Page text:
AXA's Pacific New 3 Year Growth Strategy Outlined
AXA Asia Pacific Announces its Half Year Results
New three-year growth strategy outlined
AXA Asia Pacific Holdings Limited today announced an operating profit for the six months to March 31, 2000 of $145 million after tax and before abnormals, down 14 per cent from $169 million for the corresponding period last year.
The Directors declared an unchanged interim dividend of 4.5 cents per share which will be franked to 60 per cent.
Australia and New Zealand
Operating profit in Australia and New Zealand was $50 million compared to $121 million for the corresponding period last year. Operating earnings were $38 million ($43 million last year) but investment earnings were $35 million, well down on $84 million last year which benefited from a non-recurring profit on the sale of the company's interest in CGU. In addition, $23 million of provisions and non-recurring costs, particularly in respect of Y2K, the implementation of the GST and Business Tax Reform have been taken this year.
Income protection business in Australia recorded product losses of $13 million compared to $15 million for the same period last year. The major impact was continuing poor claims experience.
Profit in AXA China Region was $135 million, up 65 per cent on last year ($82 million) with particularly strong growth in investment earnings, up 208 per cent to $77 million ($25 million in the same period in 1999). The results were boosted by strong equity markets coupled with an asset shift to equities made earlier in the financial year.
The results benefitted from a $6 million profit from AXA Life Singapore following its acquisition last year from AXA SA.
Total Group Profit
Total profit, after tax, for AXA Asia Pacific was $254 million, up from $198 million last year. This increase was significantly impacted by two large abnormal items. The first was an abnormal accounting profit of $149 million arising from the transfer of the holding in AXA China Region to NMLA, and the subsequent application of market value accounting.
The second was an abnormal provision of $40 million after tax against expected writedowns as a result of planned sales of non- core businesses in New Zealand, costs related to the rationalisation of the distribution management structure in Australia and the planned reorganisation and transformation of the Australian and New Zealand businesses.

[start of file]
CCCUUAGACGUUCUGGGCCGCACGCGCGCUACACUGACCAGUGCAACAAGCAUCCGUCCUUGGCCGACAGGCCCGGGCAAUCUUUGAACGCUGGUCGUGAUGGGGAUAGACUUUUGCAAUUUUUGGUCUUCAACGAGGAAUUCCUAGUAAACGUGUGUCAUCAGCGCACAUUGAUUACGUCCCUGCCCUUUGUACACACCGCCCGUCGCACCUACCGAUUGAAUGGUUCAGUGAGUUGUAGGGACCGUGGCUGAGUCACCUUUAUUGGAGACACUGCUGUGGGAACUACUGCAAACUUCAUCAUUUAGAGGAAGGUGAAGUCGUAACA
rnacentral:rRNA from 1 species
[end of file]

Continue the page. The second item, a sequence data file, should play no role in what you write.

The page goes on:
Commenting on the results, and on prospects for the future of the company, the new Group Chief Executive, Les Owen, said:
"The overall result has been affected by taking a cautious approach in a number of areas. There are some disappointments. Further losses from income protection business, whilst reflecting the general experience in the Australian market, are disappointing. We are taking further rigorous action in pricing, policy design, underwriting standards and claims management. I expect that other players in the market will also take action to return this business to profitability. However we are, if necessary, prepared to see some reduction in market share.
"There are several encouraging features. In particular, the performance from the health business has been strong with total premiums up 9.4 per cent to $338 million ($309 million last year). Membership has increased by more than 6 per cent over the first six months and is still growing ahead of the introduction of Lifetime Cover on July 1, 2000.
"Profit from AXA China Region is well up, helped by strong growth in investment earnings. However, investment markets are volatile and recent rises in interest rates sound a note of caution for the second half.
"New business in Australia has increased in the first half helped by the Summit Master Trust which grew by 158 per cent and a continuation of the recent improvement in investment performance in our key funds. Annuity business has also performed well.
"In mainland China, AXA Minmetals, the Group's joint venture company in Shanghai, now has more than 700 agents selling a full product range. This makes AXA Asia Pacific the only Australian based life company now participating in writing business in mainland China.
"AXA Minmetals is progressing well and following changes in regulation now provides a platform to expand to other parts of China. Our investment in this business offers great potential and we have decided that we will not separately pursue further licences in China," Mr Owen said.
In Japan, AXA Asia Pacific has decided not to take a shareholding in the AXA Group's life insurance company, AXA Nichidan.
"We have decided that taking a controlling interest would involve too great an investment in this market relative to our current market capitalisation and would detract from our focus on improving our performance in Australia and New Zealand"
"Turning to the future, it is clear to me that a major programme of change and transformation is needed if we are to become the reference company in the Australian and New Zealand markets," Mr Owen said.
"Our aspiration is to be one of the top 20 performing companies in Australia and New Zealand over the next three years measured by total return to shareholders.
"Our primary markets will be retail investment, superannuation and risk protection.
"We have set out a strategy which focuses on growing profitable new business, increasing retail funds under management and significantly improving our current expense ratio. We are determined to deliver excellence in investment performance, product design and innovation, customer service and distribution relationship management. Our targets over the next three years are to: *Double the value of our new business *Reach the top 5 in terms of net retail funds inflow *Reduce our management expense ratio by 50 per cent *Be rated in the top 5 in terms of service in the Assirt service rankings *Be judged in the top quartile in terms of employee satisfaction, measured by the global AXA Group employee survey."